George Edwin Coley died 30 July 1915
George Edwin Coley’s birth was registered in the fourth quarter of 1888 in Crewe, Cheshire. He was the third child and first son of Frederick Coley (b.1854) and Elizabeth Jane Smith, who were married in 1879 in Newport Pagnell.
In 1891 the family were living at 46 Sandbach Street, Crewe. George’s father was a Blacksmith’s Striker.
In both 1901 and 1911 they were living at 1004 Old Station, Rugby. Railway workers had to live within walking distance of work, and it was useful to the railway to be able to get hold of staff if something unexpected happened. By providing houses for their staff spread along the line, the railway solved all these problems and the London and Birmingham Railway built several hundred houses. The houses were each given a number and the earliest in Rugby were in the 700s. These were all near the new station, on the west side Newbold Road, both north and south of the railway.
In the 1901 census, George’s father, Frederick, was described as “deaf”, quite possibly caused by the nature of his work. The 1911 census described George as a boilermaker in the loco department of the LNWR railway.
By 1915 Mr and Mrs Coley were living at 89 Newbold Road, Rugby.
On 7 September 1914, George enlisted as a Private in the 8th Battalion of The King’s Royal Rifles Corps, and was later to be promoted to Lance Corporal; he served at the front in the stretcher-bearer section.
George was present at the action at Hooge, in which the Battalion had the misfortune to be the first to be attacked by the German flamethrower.
“On the night of 29th-30th July, 8th Rifle Brigade, 41 Brigade, took over this sector. They were new to the trenches. They had only been in France since May and the Germans opposite were aware of their lack of experience and that that they were total strangers to the positions they had just taken over. So they attacked at 3.15am using liquid fire for the first time, spewing it out from pipes that passed though their parapet. What it was like when these jets of flame and thick burning smoke hit the front line of trenches of 8th Rifle Brigade we will never know because no-one from the two companies who manned it survived. Those on the periphery spoke of the intense heat. The Germans then opened up with artillery and machine guns. German infantry followed and 8th Rifle Brigade was overwhelmed. Eventually they were forced to fall back with losses of nearly 500.”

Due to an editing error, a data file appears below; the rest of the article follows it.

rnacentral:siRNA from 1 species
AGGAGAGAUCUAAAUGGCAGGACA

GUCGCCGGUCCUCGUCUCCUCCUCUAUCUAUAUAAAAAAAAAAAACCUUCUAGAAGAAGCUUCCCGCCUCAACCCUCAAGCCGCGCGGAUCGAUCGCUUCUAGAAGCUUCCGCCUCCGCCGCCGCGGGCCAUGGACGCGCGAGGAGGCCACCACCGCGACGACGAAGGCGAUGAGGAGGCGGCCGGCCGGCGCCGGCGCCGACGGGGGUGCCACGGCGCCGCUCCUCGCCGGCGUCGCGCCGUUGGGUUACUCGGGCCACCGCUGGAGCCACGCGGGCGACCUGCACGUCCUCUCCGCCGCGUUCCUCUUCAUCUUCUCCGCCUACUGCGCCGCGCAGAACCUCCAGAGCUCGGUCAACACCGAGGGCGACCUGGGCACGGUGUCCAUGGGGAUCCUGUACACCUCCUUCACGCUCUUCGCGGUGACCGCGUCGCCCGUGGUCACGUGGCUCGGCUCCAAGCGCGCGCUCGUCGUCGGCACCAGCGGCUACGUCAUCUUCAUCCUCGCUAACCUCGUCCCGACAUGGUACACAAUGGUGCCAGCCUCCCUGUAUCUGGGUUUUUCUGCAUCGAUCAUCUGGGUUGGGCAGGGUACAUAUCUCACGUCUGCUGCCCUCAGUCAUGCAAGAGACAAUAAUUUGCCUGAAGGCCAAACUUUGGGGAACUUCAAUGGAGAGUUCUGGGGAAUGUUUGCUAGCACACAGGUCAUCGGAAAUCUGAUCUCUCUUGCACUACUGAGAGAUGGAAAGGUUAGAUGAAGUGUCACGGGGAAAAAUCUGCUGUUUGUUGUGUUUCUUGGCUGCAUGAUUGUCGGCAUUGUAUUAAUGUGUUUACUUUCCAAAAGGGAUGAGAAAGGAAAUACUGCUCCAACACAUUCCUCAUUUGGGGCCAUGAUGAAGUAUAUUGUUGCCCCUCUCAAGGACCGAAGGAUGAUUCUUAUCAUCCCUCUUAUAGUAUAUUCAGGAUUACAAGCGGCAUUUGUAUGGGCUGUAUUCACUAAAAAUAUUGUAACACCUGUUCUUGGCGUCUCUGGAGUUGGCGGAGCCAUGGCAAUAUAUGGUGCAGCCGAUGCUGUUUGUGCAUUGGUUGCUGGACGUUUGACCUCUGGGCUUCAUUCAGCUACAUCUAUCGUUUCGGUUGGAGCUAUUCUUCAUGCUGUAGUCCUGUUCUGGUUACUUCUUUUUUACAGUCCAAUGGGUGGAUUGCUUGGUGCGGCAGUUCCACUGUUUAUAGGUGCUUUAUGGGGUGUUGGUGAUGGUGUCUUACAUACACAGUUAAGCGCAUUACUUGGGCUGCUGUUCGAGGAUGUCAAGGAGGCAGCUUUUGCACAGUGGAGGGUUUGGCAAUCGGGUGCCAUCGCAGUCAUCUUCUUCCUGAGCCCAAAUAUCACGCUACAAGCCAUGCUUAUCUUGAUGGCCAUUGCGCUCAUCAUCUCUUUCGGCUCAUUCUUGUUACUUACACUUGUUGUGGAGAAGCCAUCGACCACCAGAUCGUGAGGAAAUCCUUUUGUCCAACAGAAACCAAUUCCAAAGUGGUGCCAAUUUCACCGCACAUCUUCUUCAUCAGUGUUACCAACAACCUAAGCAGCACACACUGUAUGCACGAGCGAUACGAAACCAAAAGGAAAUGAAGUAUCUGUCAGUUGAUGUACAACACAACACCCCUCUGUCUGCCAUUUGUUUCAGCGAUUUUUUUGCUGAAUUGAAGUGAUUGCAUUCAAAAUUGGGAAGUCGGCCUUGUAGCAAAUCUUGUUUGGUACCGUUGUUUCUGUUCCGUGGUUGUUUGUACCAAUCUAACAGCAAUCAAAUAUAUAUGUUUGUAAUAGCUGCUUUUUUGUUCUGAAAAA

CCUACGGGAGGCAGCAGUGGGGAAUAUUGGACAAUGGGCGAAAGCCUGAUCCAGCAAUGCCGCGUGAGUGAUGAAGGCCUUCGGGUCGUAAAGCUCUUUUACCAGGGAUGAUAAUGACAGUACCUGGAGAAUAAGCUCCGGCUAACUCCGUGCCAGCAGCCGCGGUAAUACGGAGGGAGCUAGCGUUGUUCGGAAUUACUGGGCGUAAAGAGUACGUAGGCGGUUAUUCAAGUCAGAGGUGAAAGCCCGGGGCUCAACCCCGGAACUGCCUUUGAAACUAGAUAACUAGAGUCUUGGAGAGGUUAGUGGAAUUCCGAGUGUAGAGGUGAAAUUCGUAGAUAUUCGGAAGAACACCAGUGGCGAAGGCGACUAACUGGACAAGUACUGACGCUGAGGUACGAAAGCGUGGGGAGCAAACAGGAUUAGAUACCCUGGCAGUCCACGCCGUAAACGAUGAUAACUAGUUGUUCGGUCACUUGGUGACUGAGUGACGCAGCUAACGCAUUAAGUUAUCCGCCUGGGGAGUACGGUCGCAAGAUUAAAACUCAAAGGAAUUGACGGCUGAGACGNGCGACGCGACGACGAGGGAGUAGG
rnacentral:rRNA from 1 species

More details of the Battle of Hooge Crater on 30 July 1915, are given elsewhere on ‘Rugby Remembers’.
The Rugby Advertiser reported:
One of the most popular and highly respected men employed in recent years at the L & NWR Erecting Shop at Rugby was George Coley, a boiler-maker, son of Mr and Mrs Coley of 89 Newbold Road, Rugby. On September 7th 1914 he enlisted in the 8th Battalion of the King’s Royal Rifles and had been serving at the front in the stretcher-bearer section. News reached Rugby at the end of last week that he had been killed during an action in which the regiment suffered very heavily, and the tidings caused much regret amongst all the shop mates, who were pained to think they would never see their old friend again.
The deceased came to Rugby from Crewe when a boy. He spent a year or so in the time office at the erecting shop and then was apprenticed to the boiler-making, subsequently serving as a journeyman. He was always sociable and affable with a cheery word for his fellow workmen by whom his death is regarded as a personal loss. Mr Shaw the foreman in the erecting shop suggested that a flag-pole should be erected and the Union Jack flown at half-mast in memory of Rifleman Coley. This was done and erected near the entrance on Mill Road.
A letter sent to George’s mother by Sergeant Cowen said “Your son gave his life for his comrades. He was shot while looking after the wounded. In fact he was in the act of dressing a wounded man when he was killed….”
The Erecting Shop Insurance Society, of which George was a member, sent a letter of condolence to his parents.
The Commonwealth Grave Registration document noted
‘COLEY, Lce. Cpl. George Edwin, S/1275. 8th Bn. The rifle Brigade. 30th July, 1915. Age 25. Son of Frederick and Elizabeth Jane Coley, of 155, Newbold Rd., Rugby.’
George is remembered on the Ypres Menin Gate Memorial, Panels 46 – 48 and 50. and the Rugby Memorial Gates.
 http://www.londonwarmemorial.co.uk/view_profile.php?id=19634&limit=20&offset=0&sort=&a=Lived/Born In&f=James&s=jenkins&r=Rank&u=Unit&b=&d=Date Of Death#sthash.GA4fS2og.dpuf
RUGBY REMEMBERS HIM